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Sardinas Rebozadas


These battered and fried sardines are popular around Spain. Rebozada means battered, and you can find lots of different “rebozada” recipes involving different fish, meats, and vegetables throughout Spain. When Rosa was a little girl, she and her siblings used to call these battered and fried sardines “pastelitos” because they looked like little cakes (pastel is the Spanish word for cake). Her mom enjoyed having the kids excited to eat sardines, so the name stuck. The whole family, including the next generation of kids, still calls these pastelitos, and everyone still loves them.


Most of the work in this dish involves cleaning the sardines. You have to gut them and pull the spine out leaving a big flat filet, which is then battered and fried. You can see a quick instructional video here on how to prepare the sardines. This particular batter is as easy as it gets, with just egg, flour, salt and pepper.


This is the sort of dish that you might enjoy in someone’s home as the center of a light meal, or as a tapa, sitting on a terraza on a hot summer day. I can’t eat sardinas rebozadas without thinking of summertime in Spain, but they are great any time of year. Serve with a nice cold lager.


You can leave the tail on as a little “handle” to help pick up and eat these after frying, or you can pull it off. I’ve seen it done both ways.


Ingredients

1½ lbs Sardines, scaled and gutted.


For Batter:

3 eggs

½ cup flour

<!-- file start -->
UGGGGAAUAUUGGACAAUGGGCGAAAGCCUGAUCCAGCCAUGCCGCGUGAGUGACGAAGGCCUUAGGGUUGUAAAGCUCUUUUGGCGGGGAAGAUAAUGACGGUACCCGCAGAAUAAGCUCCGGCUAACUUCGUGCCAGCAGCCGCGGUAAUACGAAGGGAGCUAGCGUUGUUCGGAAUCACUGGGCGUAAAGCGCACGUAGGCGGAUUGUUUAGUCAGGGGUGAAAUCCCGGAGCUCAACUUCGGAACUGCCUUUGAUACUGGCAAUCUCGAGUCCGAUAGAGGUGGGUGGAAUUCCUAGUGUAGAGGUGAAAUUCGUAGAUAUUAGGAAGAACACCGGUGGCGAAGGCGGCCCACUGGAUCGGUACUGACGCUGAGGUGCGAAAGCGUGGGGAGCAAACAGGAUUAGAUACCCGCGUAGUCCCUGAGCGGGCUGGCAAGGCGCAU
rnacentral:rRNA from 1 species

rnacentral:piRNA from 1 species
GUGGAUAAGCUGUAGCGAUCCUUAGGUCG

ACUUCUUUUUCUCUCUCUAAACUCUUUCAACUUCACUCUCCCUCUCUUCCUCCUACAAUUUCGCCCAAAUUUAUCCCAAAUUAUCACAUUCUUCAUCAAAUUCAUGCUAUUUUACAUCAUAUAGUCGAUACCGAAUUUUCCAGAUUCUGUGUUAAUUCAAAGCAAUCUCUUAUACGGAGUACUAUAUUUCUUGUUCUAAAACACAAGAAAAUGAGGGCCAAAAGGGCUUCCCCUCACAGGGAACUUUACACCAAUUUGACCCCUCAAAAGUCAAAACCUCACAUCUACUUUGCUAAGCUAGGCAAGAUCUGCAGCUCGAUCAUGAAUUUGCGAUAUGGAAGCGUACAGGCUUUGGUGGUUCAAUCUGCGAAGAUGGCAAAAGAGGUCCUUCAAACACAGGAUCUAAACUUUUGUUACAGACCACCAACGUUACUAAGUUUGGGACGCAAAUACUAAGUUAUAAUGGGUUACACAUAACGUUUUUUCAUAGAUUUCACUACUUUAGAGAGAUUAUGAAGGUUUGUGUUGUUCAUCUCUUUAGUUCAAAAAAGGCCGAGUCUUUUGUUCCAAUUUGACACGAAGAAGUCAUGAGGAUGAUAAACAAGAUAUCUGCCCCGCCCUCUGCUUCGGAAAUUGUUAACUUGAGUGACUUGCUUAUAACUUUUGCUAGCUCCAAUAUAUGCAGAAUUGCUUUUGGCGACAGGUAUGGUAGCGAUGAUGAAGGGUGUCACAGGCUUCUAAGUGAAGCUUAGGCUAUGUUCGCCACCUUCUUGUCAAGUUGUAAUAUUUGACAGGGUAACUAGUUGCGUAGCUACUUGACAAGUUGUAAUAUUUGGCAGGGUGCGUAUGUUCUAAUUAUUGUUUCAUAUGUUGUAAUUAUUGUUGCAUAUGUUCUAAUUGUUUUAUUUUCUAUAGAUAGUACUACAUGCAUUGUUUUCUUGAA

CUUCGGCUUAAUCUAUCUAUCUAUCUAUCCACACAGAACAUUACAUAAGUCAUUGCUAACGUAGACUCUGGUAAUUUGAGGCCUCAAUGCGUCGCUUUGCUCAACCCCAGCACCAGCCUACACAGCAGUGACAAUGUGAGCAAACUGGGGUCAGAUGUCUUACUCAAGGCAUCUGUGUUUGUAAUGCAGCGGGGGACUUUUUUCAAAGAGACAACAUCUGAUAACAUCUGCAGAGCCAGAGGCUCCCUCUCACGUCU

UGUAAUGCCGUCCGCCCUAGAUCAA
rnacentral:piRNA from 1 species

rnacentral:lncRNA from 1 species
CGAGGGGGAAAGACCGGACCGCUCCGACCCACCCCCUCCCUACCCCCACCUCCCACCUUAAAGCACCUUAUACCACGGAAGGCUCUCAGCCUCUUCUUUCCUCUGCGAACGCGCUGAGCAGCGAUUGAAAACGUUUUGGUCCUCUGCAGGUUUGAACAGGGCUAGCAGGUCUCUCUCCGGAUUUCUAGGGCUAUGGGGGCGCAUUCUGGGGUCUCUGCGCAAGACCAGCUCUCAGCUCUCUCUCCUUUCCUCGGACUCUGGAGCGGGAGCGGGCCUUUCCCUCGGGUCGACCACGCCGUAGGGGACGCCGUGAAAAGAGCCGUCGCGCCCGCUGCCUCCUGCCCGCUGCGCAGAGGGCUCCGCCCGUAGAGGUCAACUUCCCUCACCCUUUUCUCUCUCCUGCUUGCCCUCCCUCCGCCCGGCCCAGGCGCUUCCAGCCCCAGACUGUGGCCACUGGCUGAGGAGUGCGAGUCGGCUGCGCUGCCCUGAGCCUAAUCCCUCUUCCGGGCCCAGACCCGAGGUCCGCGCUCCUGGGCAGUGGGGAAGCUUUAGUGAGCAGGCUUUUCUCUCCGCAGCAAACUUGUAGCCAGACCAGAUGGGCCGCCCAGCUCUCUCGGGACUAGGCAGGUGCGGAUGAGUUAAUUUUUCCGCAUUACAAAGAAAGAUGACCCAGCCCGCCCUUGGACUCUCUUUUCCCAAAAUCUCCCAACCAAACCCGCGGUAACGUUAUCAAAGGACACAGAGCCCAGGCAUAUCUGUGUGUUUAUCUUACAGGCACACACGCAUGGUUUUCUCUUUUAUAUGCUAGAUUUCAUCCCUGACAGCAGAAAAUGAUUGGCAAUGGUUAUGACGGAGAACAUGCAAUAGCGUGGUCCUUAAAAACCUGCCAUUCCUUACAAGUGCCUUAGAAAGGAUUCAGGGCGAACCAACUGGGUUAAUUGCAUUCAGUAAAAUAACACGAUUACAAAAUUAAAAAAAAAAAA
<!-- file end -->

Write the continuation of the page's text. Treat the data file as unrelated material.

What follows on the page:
Salt and fresh ground black pepper TT


Oil for frying


To serve:

Coarse salt

1 Tbsp chopped fresh parsley

Lemon wedges


1. Remove the head and spine from the sardines. Once the guts are removed, cut off the head right behind the gills. Gently get a finger underneath the spine. Use a finger on each side of the spine to hold the flesh down so the filets don’t tear, while using the other hand to pull the spine out. The ribs should stay attached, but you can gently run a knife over the filet afterwards, to get up any pin bones left behind. You should be left with a flat open triangular boned out piece of fish with both filets attached. See the video below for more details.



2. Make the batter: Beat the eggs well in a bowl. Add the flour and mix until it forms a homogeneous batter. Stir in the salt and pepper.


3. Batter and fry the sardines: Bring about ½” of oil up to 350F in a large heavy bottomed pan. When hot, dip a sardine into the batter, coating with the batter, letting any extra batter drip back off into the bowl. Carefully place into the hot oil, and fry until golden brown. Turn over and fry until the other side is golden brown. You can fry several at a time, but don’t overcrowd the pan. As the second side gets brown, use a slotted spoon to remove and drain on paper towels.


Serve hot, fresh from the fryer. To serve, sprinkle with a little coarse salt, and a little of the parsley. Allow the diners to squeeze lemon juice on to taste.

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